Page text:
Part I: Introduction
An arbitration award is effectively a contract resulting from a contract. Two parties agree to appoint arbitrators, submit their dispute to arbitration and abide by the award. The parties ordinarily consent to entry of judgment on the award, and it can be confirmed under Section 9 of the Federal Arbitration Act (or a state law equivalent when the Federal Arbitration Act doesn’t apply). Alternatively it may be enforced through the plenary and summary procedures applicable to ordinary contracts (subject to any special rules governing arbitration awards).
So what happens when things go awry — or at least seem to have gone awry — and the arbitration award is or appears to be fundamentally unfair, divorced from the contract or the result of fraud, bias, or some form of prejudicial misconduct on the part of the arbitrators? Section 10 of the Federal Arbitration Act provides a safety net in the form of a motion or petition to vacate the award. (State arbitration statutes and law applicable in actions to enforce arbitration awards generally provide similar recourse, but our focus here is on the Federal Arbitration Act.)
The United States Supreme Court recently declared that Section 10(a) of the Federal Arbitration Act sets forth the exclusive grounds for vacating a commercial arbitration award (we are not concerned here with awards under 5 U.S.C. § 590, which are governed by 9 U.S.C. § 10(b)). See Hall Street Assoc. v. Mattel, Inc., 128 S. Ct. 1396, 1404 (2008). And make no mistake, these grounds are exceedingly narrow; section 10 of the Federal Arbitration Act authorizes vacatur only where:
1. The award was procured by corruption, fraud, or undue means;
2. [T]here was evident partiality or corruption in the arbitrators, or either of them;
3. [T]he arbitrators were guilty of misconduct in refusing to postpone the hearing, upon sufficient cause shown, or in refusing to hear evidence pertinent and material to the controversy; or of any other misbehavior by which the rights of any party have been prejudiced; or
4. [T]he arbitrators exceeded their powers, or so imperfectly executed them that a mutual, final, and definite award upon the subject matter submitted was not made.
9 U.S.C. § 10(a).
While the principal purpose of the Federal Arbitration Act is to enforce the parties agreement as written, see, e.g., First Options of Chicago, Inc. v. Kaplan, 514 U.S. 938, 947 (1995), we see the flip side of that purpose expressed in Section 10(a). Section 10(a) addresses situations where putting a court’s imprimatur on an award would deprive one of the parties of the benefits of its freely-bargained-for arbitration agreement. Judge Posner put it well when he said:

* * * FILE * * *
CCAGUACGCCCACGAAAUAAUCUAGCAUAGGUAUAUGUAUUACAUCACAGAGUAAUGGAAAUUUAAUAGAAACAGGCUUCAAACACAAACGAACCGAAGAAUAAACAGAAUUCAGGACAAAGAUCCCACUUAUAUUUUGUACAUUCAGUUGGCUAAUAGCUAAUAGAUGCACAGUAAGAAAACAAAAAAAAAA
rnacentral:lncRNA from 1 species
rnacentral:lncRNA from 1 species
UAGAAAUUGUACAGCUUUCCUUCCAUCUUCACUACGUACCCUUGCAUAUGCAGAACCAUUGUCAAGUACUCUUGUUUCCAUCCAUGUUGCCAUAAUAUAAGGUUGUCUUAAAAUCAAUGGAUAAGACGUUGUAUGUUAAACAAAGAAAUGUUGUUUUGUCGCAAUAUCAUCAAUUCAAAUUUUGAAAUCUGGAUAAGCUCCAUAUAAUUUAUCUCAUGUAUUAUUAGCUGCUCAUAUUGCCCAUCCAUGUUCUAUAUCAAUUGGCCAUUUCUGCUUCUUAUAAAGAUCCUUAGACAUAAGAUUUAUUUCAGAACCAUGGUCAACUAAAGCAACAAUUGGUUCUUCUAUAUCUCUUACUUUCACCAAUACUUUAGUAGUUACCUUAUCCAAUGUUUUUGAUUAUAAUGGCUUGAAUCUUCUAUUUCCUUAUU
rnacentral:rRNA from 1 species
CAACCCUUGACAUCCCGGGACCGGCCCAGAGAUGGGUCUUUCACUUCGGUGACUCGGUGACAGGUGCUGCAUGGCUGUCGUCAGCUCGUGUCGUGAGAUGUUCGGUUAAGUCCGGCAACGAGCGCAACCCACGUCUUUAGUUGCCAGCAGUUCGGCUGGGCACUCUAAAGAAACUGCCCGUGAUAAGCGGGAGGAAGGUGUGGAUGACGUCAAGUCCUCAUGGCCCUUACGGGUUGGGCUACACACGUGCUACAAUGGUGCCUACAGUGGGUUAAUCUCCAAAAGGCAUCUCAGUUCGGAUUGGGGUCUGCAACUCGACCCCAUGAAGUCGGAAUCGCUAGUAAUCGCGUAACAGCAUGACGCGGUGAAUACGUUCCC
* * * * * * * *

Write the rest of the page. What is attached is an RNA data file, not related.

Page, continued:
It is tempting to think that courts are engaged in judicial review of arbitration awards under the Federal Arbitration Act, but they are not. When parties agree to arbitrate their disputes they opt out of the court system, and when one of them challenges the resulting arbitration award he perforce does so not on the ground that the arbitrators made a mistake but that they violated the agreement to arbitrate, as by corruption, evident partiality, exceeding their powers, etc. – conduct to which the parties did not consent when they included an arbitration clause in their contract. That is why in the typical arbitration . . . the issue for the court is not whether the contract interpretation is incorrect or even wacky but whether the arbitrators had failed to interpret the contract at all, for only then were they exceeding the authority granted to them by the contract’s arbitration clause.
Wise v. Wachovia Sec., LLC, 450 F.3d 265, 269 (7th Cir.) (citations omitted), cert. denied, 549 U.S. 1047 (2006).
As we shall discuss in detail in subsequent posts, each of the grounds specified in Section 10(a) implicates whether the arbitration award deprived the party of the benefit of its arbitration agreement. Indeed, the first question a party should consider before investing time and expense in a motion or petition to vacate is whether it has reasonable grounds for asserting that the award effectively violated the agreement to arbitrate. If the answer is “yes,” and the alleged violation falls within the scope of Section 10(a), then the party may have a good faith basis for vacating the award.
In subsequent parts of this post we shall take a closer look at each of the grounds for vacating an award….